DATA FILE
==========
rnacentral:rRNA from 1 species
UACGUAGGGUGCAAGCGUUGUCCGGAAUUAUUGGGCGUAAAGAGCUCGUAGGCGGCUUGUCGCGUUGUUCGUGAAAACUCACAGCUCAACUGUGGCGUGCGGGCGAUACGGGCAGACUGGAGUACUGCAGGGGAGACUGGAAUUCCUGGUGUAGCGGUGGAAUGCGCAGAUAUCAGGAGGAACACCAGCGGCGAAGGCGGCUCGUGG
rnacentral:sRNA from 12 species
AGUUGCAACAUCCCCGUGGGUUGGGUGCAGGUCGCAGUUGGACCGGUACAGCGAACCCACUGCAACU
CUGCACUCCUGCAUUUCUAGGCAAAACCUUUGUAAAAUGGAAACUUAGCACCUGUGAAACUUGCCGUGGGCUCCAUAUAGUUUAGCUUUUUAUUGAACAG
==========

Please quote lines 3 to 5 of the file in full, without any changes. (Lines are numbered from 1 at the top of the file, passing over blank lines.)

rnacentral:sRNA from 12 species
AGUUGCAACAUCCCCGUGGGUUGGGUGCAGGUCGCAGUUGGACCGGUACAGCGAACCCACUGCAACU
CUGCACUCCUGCAUUUCUAGGCAAAACCUUUGUAAAAUGGAAACUUAGCACCUGUGAAACUUGCCGUGGGCUCCAUAUAGUUUAGCUUUUUAUUGAACAG